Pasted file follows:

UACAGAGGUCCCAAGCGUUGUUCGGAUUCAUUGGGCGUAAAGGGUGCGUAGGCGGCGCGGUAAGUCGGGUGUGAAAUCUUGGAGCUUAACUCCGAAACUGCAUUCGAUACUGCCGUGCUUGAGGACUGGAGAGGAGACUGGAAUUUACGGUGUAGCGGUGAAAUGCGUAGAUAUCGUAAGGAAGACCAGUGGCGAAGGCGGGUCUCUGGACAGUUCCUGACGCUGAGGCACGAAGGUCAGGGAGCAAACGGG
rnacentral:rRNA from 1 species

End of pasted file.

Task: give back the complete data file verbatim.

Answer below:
UACAGAGGUCCCAAGCGUUGUUCGGAUUCAUUGGGCGUAAAGGGUGCGUAGGCGGCGCGGUAAGUCGGGUGUGAAAUCUUGGAGCUUAACUCCGAAACUGCAUUCGAUACUGCCGUGCUUGAGGACUGGAGAGGAGACUGGAAUUUACGGUGUAGCGGUGAAAUGCGUAGAUAUCGUAAGGAAGACCAGUGGCGAAGGCGGGUCUCUGGACAGUUCCUGACGCUGAGGCACGAAGGUCAGGGAGCAAACGGG
rnacentral:rRNA from 1 species